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Cambridge University Science Magazine
Coatings, solar cells, sensors and medical implants all exploit properties of thin film polymers including their viscous and elastic nature, morphology and optical behaviour. Despite their widespread use, questions still remain about the stability of polymers, particularly in thin films, which often exhibit properties differing substantially from those of the bulk. Pola Goldberg-Oppenheimer is trying to answer some of these questions during her PhD in the department of physics.

Thin films can crack, develop holes or even destabilise to form droplets. Most of the time smooth even surfaces are required, so those developments are unwelcome. However, in some cases, by exploiting the destabilisation process, precise control can be gained over the instabilities that form and novel structures produced.

Pola has been looking at what happens when electrostatic forces – the forces between particles resulting from their electric charge – are applied to thin films. These forces are able to destabilise smooth films. The resulting instabilities, known as electrohydrodynamic instabilities, have a characteristic spacing that depends on film thickness, air gap, polymer properties and the applied electric field. By adjusting these parameters, the dimensions of the structure can be predetermined.

The experiment is conducted by sandwiching the polymer film in a capacitor-like device between two electrodes with a small air-gap. The sample is heated close to its transition temperature where it changes from having a ‘glassy’ or solid-like nature to a liquid-like one. A small voltage is applied across the two electrodes resulting in a high electric field and a buildup in the electrostatic pressure at the air surface. This destabilises the film and generates an undulating surface. Over time, these undulations grow until they span the air gap and reach the upper electrode. The final morphology consists of a hexagonal array of pillars with well defined spacing.

Unfortunately, things don’t always go according to plan and the image on the front cover shows what can happen when the capacitor device is not quite correctly assembled. Here, finger like instabilities have formed, due to the upper electrode and polymer film coming into contact and trapping air. These are known as Saffman-Taylor instabilities and occur when one liquid is replaced with another of lower viscosity.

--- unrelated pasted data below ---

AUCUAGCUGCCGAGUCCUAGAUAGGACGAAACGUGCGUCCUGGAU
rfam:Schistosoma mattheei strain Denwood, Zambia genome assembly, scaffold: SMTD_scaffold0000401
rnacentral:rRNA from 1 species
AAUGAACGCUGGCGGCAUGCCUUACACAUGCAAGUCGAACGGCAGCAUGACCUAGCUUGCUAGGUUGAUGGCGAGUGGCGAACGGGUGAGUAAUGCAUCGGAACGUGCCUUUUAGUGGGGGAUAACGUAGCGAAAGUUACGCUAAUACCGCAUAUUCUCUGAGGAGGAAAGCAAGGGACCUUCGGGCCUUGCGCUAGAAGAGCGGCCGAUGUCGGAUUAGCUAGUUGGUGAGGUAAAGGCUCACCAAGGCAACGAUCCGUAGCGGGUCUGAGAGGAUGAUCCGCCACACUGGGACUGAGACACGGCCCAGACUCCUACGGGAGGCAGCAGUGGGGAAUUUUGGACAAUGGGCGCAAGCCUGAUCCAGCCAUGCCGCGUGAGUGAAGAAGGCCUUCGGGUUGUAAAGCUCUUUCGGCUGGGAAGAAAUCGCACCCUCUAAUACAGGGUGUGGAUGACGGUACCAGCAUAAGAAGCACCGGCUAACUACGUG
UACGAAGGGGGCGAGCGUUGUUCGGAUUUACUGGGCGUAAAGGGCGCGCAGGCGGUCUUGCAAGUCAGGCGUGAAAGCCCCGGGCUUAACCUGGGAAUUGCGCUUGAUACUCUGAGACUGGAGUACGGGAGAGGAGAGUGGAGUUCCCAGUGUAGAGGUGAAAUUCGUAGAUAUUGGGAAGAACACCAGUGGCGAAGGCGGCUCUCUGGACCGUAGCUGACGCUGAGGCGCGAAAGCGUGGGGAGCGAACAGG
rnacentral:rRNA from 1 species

Saffman and Taylor originally observed these instabilities when they were looking at water-oil mixtures between two parallel plates. During the 1930s ‘water flooding’ was assumed to be an efficient method of extracting oil from wells. However, Saffman and Taylor observed destabilisation of the normally well-defined water-oil interface. In closely spaced parallel plates, instabilities such as fingers, fractal trees and dendrite or branched patterns were observed. For the oil companies, this meant that after a certain time only water would be recovered from the well.

Pola has also been looking at electrohydrodynamic instabilities that form when the upper electrode is replaced by one which is no longer flat and smooth, but contains some sort of patterning. The instabilities that form are drawn towards the protrusions, resulting in the formation of a positive replica of the imposed structure.

These methods can produce and replicate patterns on sub-micron, possibly sub-tenth of a micron, length scales and are a promising low-cost alternative to conventional optical-patterning techniques. Pola is particularly interested in using electrohydrodynamic instabilities to pattern novel systems and materials, in an attempt to make the pattern formation process faster and the resulting structures smaller, thus making this technique more practical, reliable and robust.

Katherine Thomas is a PhD student in the Department of Physics.